2002 Malaysian Grand Prix
|2002 Malaysian Grand Prix|
|Race 2 of 17 in the 2002 Formula One World Championship|
|Date||17 March 2002|
|Official name||IV Petronas Malaysian Grand Prix|
Sepang International Circuit|
Sepang, Selangor, Malaysia
|Course||Permanent racing facility|
|Course length||5.543 km (3.444 mi)|
|Distance||56 laps, 310.408 km (192.879 mi)|
|Weather||Partially cloudy, hot and dry|
|Attendance||92,000 (Weekend) |
|Driver||Juan Pablo Montoya||Williams-BMW|
|Time||1:38.049 on lap 38|
The 2002 Malaysian Grand Prix was a Formula One motor race held on 17 March 2002 at the Sepang International Circuit and was the second round of the 2002 Formula One season. The Grand Prix is notable for the first lap collision between Williams driver Juan Pablo Montoya and Ferrari's Michael Schumacher, which led to the Colombian being given a drive through penalty. This decision led to much criticism for the Malaysian stewards, with the victim of the incident, Schumacher, commenting that the decision was "overly harsh" on Montoya.
The Grand Prix was won by the Williams-BMW of German Ralf Schumacher, who commented that it was "almost a perfect race". Ralf was followed by his teammate, Juan Pablo Montoya and following them in third was Ralf's brother, Michael Schumacher.
The race was followed by a decision by the FIA to give stewards more powers over the punishments of drivers who are involved in incidents which are deemed "avoidable".
The Friday morning session saw the two Ferraris of Michael Schumacher and Rubens Barrichello fastest, the closest car to the Ferraris was Sauber's Nick Heidfeld, who was over one and a half seconds slower. McLaren got the better of Ferrari for the second session with Kimi Räikkönen fastest and his teammate David Coulthard was just over half a second behind him, while the Ferrari of Schumacher was over a second slower than Räikkönen's McLaren in third.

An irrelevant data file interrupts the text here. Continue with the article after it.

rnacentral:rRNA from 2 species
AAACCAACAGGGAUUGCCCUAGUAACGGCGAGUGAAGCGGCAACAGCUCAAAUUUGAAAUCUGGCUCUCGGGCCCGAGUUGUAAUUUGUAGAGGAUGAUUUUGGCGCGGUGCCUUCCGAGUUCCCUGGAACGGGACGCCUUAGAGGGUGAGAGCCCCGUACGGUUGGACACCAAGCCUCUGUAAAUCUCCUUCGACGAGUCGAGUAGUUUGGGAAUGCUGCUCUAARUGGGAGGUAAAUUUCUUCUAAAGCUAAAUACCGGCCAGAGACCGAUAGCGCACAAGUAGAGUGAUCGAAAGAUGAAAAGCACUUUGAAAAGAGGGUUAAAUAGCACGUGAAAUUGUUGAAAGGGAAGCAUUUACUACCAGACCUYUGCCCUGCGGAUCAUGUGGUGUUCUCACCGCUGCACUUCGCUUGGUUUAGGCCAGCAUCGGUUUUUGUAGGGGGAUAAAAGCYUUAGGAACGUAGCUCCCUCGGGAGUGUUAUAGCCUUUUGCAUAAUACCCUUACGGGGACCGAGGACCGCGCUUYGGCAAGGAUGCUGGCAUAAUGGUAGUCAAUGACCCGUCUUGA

Like the Friday sessions, the Saturday sessions were split into two separate sessions, although both sessions were held during the morning. The Ferraris were fastest in the first session, although this time the closest non-Ferrari driver, which was Räikkönen, was under a second behind them. The Williams of Montoya was fastest in the final practice session before qualifying with Räikkönen second fastest and Montoya's teammate, Ralf Schumacher, third fastest.
Qualifying saw Michael Schumacher take his first pole position of the 2002 season, with only the next three drivers being under a second slower than Schumacher's time, the closest being Juan Pablo Montoya who was under a quarter of a second slower. Schumacher's teammate, Barrichello and Montoya's teammate, Ralf Schumacher, were third and fourth respectively.
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The start of the race saw Michael Schumacher immediately cut Montoya, making the Colombian brake and avoid a collision, this allowed Barrichello to get alongside Montoya coming into the first corner. Montoya however managed to out-brake the Brazilian into the first corner and thus was alongside Schumacher going through the corner. As the Williams and Ferrari travelled through the corner, Schumacher's Ferrari started to experience understeer and went into Montoya's car, taking the Ferrari front wing off. The incident left Montoya going wide and going off the track for a brief moment.
This left Barrichello in the lead with Schumacher Ferrari, minus a front-wing, in second place and his brother Ralf in third. Michael Schumacher came into the pits for a new nose, promoting Ralf to second. The second lap saw a collision between the two Jordans of Giancarlo Fisichella and Takuma Sato, when the latter ran into the back of the former. "I am really sorry about what happened," said Sato after the race, "I apologized to Giancarlo immediately after the race and he took it very well which I think says a lot of good things about his character" he added. On lap 7, Montoya was given a drive through penalty which cost the Colombian 20 seconds to Barrichello's lead.